The information below is a general introduction. For more detailed information please see Examination of Trade Mark Applications.
All applications must be examined by IPONZ to ensure they comply with all requirements of the Trade Marks Act 2002. As well as ensuring that an application meets the legal filing requirements, the Commissioner must be satisfied that there are no other grounds that would prevent registration of the trade mark.
On what grounds can my mark be refused registration?
Your application may be refused on a number of grounds including:
These grounds for objection concern the nature of the mark itself, and its ability to distinguish the applicant’s goods or services from those of other traders. A mark may be rejected for a number of reasons. For example:
- it is likely to mislead or confuse
- it is offensive to a significant section of the community, including Māori - where the trade mark is, or appears to be, derivative of a Māori sign, the trade mark application will be forwarded to the Māori Advisory Committee for advice. See Practice guideline 16: Maori advisory committee and Maori trade marks for more information.
- it is a superlative e.g. BEST, SUPER etc
- it is a descriptive term e.g. SWEET for ice cream
- it is a geographical location associated with the goods or services e.g. BLUFF for oysters
For more information about absolute grounds please see Practice guidelines 4 to 9.
These grounds are concerned with conflict between the trade mark application and the rights of other persons, entities or traders. A mark may therefore be rejected if:
- it is the same or similar to a another trader’s current application or registration filed before your own, so that use of your mark is likely to cause deception or confusion
- it is the same or similar to a well known mark in New Zealand
For more information about relative grounds please see Practice guidelines 7 to 11.
If you need help finding out if there are any grounds that may prevent your mark from being eligible for registration we recommend that you use our ‘search and preliminary advice service’ before you file your trade mark application. Please note, that once you file your application the filing fee is non-refundable.
Using our search and preliminary advice service you can request:
- preliminary advice to see if there are any ‘absolute grounds’ that may prevent your mark from being accepted for registration ; and/or
- a search to see if there are any confusingly similar marks that may prevent your mark being registered on ‘relative grounds’. See our Forms and Fees section for more information.
Classification and specification of goods and/or services
When you apply to register a trade mark you must include a list of all goods and/or services for which you want to use the mark. This is called a specification of goods or services. In addition to listing all of the goods or services for which you want to use the mark please also list the class or classes that the goods or services fall in. This is referred to as the classification of your goods or services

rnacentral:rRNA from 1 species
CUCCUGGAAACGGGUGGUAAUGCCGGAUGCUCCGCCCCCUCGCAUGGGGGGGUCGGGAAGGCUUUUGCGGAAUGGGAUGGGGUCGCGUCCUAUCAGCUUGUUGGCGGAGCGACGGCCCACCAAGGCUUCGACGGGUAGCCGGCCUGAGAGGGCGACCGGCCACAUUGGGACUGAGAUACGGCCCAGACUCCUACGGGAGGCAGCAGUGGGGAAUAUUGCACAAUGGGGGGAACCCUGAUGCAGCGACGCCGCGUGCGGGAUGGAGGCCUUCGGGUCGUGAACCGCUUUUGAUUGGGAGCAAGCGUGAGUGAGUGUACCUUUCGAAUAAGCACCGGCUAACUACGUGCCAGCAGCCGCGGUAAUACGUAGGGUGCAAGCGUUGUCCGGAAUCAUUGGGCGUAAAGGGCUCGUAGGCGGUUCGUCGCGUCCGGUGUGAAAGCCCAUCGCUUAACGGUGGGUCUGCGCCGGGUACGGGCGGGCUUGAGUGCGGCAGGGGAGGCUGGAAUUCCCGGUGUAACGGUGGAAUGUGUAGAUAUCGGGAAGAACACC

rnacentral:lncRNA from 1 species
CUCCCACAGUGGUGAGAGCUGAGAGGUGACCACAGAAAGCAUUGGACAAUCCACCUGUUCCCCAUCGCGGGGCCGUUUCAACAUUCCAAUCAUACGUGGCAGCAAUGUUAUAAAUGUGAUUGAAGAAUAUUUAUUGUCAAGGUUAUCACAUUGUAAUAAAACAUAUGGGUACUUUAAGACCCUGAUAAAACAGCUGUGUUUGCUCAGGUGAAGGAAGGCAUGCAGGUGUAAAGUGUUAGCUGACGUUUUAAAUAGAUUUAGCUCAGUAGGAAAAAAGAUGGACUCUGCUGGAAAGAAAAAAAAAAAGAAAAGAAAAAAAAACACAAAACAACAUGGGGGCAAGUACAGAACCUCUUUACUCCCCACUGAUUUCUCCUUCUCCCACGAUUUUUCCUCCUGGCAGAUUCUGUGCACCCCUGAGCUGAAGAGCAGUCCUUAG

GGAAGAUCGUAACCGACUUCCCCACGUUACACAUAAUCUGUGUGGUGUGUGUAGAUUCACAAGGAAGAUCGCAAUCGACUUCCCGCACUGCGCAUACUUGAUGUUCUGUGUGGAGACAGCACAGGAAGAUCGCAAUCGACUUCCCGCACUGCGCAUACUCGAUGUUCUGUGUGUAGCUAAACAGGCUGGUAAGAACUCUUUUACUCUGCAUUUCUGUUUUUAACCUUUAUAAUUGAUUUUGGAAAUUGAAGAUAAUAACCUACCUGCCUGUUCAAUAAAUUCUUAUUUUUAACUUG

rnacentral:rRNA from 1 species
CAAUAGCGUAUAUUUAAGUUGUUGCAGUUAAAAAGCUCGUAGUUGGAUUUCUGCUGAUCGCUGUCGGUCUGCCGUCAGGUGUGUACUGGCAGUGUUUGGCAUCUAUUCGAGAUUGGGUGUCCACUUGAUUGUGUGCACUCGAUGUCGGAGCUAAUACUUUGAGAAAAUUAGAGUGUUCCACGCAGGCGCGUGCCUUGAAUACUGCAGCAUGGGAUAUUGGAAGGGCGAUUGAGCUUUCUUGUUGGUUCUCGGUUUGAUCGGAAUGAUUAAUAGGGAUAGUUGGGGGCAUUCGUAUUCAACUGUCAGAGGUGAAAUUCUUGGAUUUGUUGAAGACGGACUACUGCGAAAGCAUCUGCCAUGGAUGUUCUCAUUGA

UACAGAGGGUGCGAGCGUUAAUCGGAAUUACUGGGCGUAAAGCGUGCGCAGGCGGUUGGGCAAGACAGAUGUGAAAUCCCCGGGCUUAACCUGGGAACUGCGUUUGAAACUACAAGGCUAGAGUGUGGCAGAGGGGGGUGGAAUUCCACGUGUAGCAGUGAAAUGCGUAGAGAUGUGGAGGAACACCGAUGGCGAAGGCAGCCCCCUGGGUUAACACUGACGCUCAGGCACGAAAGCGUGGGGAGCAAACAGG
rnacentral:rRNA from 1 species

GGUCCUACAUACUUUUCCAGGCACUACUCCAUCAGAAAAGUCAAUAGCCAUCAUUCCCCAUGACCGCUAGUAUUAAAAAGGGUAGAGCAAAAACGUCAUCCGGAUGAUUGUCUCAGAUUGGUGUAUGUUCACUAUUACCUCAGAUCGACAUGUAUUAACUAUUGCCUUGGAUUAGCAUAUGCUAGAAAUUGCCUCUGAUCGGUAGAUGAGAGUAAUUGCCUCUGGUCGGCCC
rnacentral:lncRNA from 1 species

For more information please see Practice Guidelines 03: Classification and Specification.
If the IPONZ considers the mark is not registrable under the Act then it will issue a Compliance Report setting out the issues to be resolved.
When will the Maori Trade Mark Advisory Committee consider my application?
The Maori Trade Marks Advisory Committee makes their determinations on a continual basis through the Intellectual Property Office online system. The aim is to get the determination from the five Maori Trade Marks Advisory Committee members within the 15 day examination turnaround time. The Committee when making their determination must consider whether the proposed use or registration of a trade mark that is, or appears to be, derivative of a Māori sign, including text and imagery, is, or is likely to be, offensive to Māori. As some trade marks may take longer than the 15 day turnaround, the Office will advise clients through a discussion that the mark has been sent to the Advisory Committee for a determination.
What can I do if I receive a Compliance Report?
If you do not agree with any of the issues raised in the Report, or you are aware of any circumstances that IPONZ is unaware of that may help overcome any issue raised, you are encouraged to respond with reasons why the mark should be reconsidered. If your submissions do not overcome IPONZ's concerns you may either abandon the application at no additional cost, or request a Notice of Rejection so that the matter may be considered by the Assistant Commissioner at a Hearing.
For more information please see Responding to your compliance report.
- Note: The rights associated with the registration of a stylised mark relate to the mark in its entirety and do not extend to each of the individual elements of the trade mark.